"Don't Be Stupid" by Joshua Beck. A Review.

Don't Be Stupid.: A Call for Christians to Believe and Live an Intelligent FaithDon't Be Stupid.: A Call for Christians to Believe and Live an Intelligent Faith by Joshua M Beck
My rating: 5 of 5 stars

"It's about clearing away the stupid in the Christian image so our world can see Christ" (151). That's how Joshua Beck ends his little 163 page paperback "Don't Be Stupid: A Call for Christians to Believe and Live an Intelligent Faith". Beck is a teacher of Apologetics and Ethics at a local Christian High School in Oklahoma City, Oklahoma, as well as a writer and podcaster. The book is written in a straightforwardly conversational style that is laid back and comfortable. Almost like sitting down and chatting with the author at a coffee shop.

Primarily, the book is not a defense of the Christian faith, but more how to smartly defend what we believe. Yet that description doesn't quite get to the point. It's not about putting on airs, getting all uppity and egg-heady; "The idea...is not simply to be smart. It's intelligence, fueled by love" (109). Or, to put it another way, it's more about being real with people and really being with people. To listen, and ask questions. Own up to our own doubts (which are not necessarily sinful), and dig into them to find the answers. Pull together our actions and words so that they dance together, since "God cares more about loving you, not using you. The Gospel is not about accomplishing more than those around us. It's about a relationship with God. But, the Gospel does push us to do more, because of our relationship with God" (87). Beck's approach is quite friendly and thoughtful. I appreciated with way he handles doubt, maps out the Gospel, and encourages Christians to smartly give a defense of the hope that we have.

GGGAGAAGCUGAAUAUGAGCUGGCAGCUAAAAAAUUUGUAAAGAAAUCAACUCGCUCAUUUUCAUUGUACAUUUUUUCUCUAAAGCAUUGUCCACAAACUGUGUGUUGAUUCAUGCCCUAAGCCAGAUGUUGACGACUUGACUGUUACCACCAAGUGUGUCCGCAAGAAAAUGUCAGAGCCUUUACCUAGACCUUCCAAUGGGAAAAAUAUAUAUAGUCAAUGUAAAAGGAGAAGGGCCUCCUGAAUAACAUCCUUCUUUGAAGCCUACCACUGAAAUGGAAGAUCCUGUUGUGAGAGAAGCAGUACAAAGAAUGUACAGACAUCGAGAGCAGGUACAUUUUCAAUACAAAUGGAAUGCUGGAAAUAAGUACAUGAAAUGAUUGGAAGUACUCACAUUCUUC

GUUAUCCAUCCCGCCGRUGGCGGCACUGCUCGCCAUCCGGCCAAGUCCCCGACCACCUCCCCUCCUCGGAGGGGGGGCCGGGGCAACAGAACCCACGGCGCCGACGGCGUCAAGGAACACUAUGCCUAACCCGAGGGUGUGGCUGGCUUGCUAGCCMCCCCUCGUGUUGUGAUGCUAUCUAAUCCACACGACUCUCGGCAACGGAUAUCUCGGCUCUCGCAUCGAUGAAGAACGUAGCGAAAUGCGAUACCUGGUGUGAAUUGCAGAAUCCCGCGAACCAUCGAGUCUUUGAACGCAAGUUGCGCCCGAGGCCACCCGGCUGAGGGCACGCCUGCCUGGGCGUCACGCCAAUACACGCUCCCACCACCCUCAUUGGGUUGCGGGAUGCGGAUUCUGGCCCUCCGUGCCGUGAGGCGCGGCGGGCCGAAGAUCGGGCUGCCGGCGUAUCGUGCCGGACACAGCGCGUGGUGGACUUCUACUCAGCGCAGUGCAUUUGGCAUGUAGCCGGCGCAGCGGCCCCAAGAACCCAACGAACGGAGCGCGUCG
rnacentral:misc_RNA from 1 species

"Don't Be Stupid" is an easy-to-read volume well suited for teens, but also adult believers. Christian Schools would find it useful. It would be ideal for discipleship groups as well as a Christian book klatch. Also parents could work through it with their older children, and benefit from it together. I highly recommend the book.

My thanks to the author who sent me the book, twice, at my request. I hope whoever ended up with the first-sent copy read it and learned much. The copy I did receive was used for this review. The author made no demands on me, nor did he try to bribe me. Therefore this review is freely made and freely give.

You can order the book here: Don't Be Stupid

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